During the 1950s, 1960s and 1970s Berta Hansson was in close contact with a group of elderly female artists. These included Vera Nilsson and Siri Derkert – both of whom were expressionists and important role models. Berta Hansson was particularly grateful to the sculptor Ninnan Santesson who inspired Berta Hansson to begin working in clay. Clay came to provide a certain comfort and salvation to Berta Hansson in the future – when it was “dark in the world” or when other techniques got the better of her. She often produced small sculptures of children.
The texts and images contained in Berta Hansson’s 1984 book Kamratporträtt includes raw and loving depictions of her friendships with fellow painters. What they all had in common was that they lived alone. Berta Hansson was very protective of her ‘alone’ time. During the latter part of her life she had a long relationship with a man, but she was unwilling to cohabit with him. She believed that a woman must have time to herself in order to be able to work. Berta Hansson felt a close spiritual affinity to the German artist Paula Modersohn-Becker who, like herself, had survived a brave inner and outer struggle to be able to realise her dreams of being an artist. Berta Hansson was captivated by both her life and her work. She wrote an essay on Modersohn-Becker in which she stated: “Women today, just like before, are pulled between being loyal to life itself – childbirth and caring – and their desire for artistic creation. It seems to be a permanent dilemma”.
Berta Hansson created her own and very personal interpretations of Biblical themes, inspired by the Biblical imagery of her childhood. Her form of expression was differed exceedingly from traditional religious art. It soon became apparent that her simply-drawn figures, people, and animals, with their hints of expressionism and naïvism were hard for adults to accept. Some of her religious imagery has been deemed grotesque, with undo emphasis on suffering, whilst those which were lighter and more lovingly expressed were deemed not beautiful enough. Berta Hansson felt it was important to steer clear of templates and the usual designs. She imagined that children, with their fresh and strong sense of empathy, would be able to see her images. This was also true for her biblical imagery, expressed in textile applications and bright colours. Berta Hansson’s own favourite biblical theme was her large application entitled Livets träd, which depicted stories from both the Old and New Testaments. These can be seen in Hammerdal church, to which the artist herself donated the work.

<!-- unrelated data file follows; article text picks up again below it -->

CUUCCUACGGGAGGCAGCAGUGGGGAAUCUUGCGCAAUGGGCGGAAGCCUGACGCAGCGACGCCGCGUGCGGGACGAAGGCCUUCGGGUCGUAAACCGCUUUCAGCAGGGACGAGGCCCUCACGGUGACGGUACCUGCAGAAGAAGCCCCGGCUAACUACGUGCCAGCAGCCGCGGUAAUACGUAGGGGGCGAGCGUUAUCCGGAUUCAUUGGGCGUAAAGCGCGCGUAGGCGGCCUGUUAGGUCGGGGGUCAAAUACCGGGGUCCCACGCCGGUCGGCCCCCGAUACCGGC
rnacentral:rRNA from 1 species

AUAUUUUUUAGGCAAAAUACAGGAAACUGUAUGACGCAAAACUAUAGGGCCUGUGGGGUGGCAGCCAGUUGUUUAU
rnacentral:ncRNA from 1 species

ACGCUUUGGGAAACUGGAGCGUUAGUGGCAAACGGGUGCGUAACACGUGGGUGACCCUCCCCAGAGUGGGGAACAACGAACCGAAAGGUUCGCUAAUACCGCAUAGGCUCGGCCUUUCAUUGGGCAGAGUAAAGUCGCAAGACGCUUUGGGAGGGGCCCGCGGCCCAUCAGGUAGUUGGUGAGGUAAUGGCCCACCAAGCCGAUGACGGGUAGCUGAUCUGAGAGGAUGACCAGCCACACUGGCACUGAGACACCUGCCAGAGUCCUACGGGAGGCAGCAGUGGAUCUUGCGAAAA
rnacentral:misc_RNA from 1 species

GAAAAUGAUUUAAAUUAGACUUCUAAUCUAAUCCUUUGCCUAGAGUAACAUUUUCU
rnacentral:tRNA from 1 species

Berta Hansson’s vision began to degenerate in the 1980s and she then began to create her biblical images as small water-colours. She used a magnifying glass to create them. She made many hundreds of her so-called survival pictures. She expressed the themes of human suffering and wordly evil using in works such as Nattvarden and Korsfästelsen. Others, such as Skapelsen, reflected hope and comfort. A selection of these images can be seen in the 1988 book Att se och betrakta, with texts by the bishop couple in Stockholm, Brita och Krister Stendahl. Berta Hansson herself was not religious in the usual church meaning of that term. She believed that her religion resided in her artwork.
Berta Hansson would spend her summers in her childhood area of Hammerdal. A favoured theme was the elderly. She particularly wanted to depict those worn by time, and who had lived through hard times. By focusing on the hands of the elderly she could reveal something of the conditions they had survived, and she found hands as interesting and expressive as faces. She also, in the company of the author Carl-Göran Ekerwald, travelled through Jämtland during which she produced reports. She published books based on these travels, portraying the people and their environments both visually and verbally.
Berta Hansson’s sight continued to decline during the last years of her life, and yet she gained a new world of images: birds. These were “Not ornithologically specific birds – just the mental images of birds”. As she could no longer distinguish between colours she worked in black and white. Her large oil painting called Sista Fågeln, from 1991, was Berta Hansson’s closing comment on her artistic output.
Berta Hansson died in Stockholm in 1994.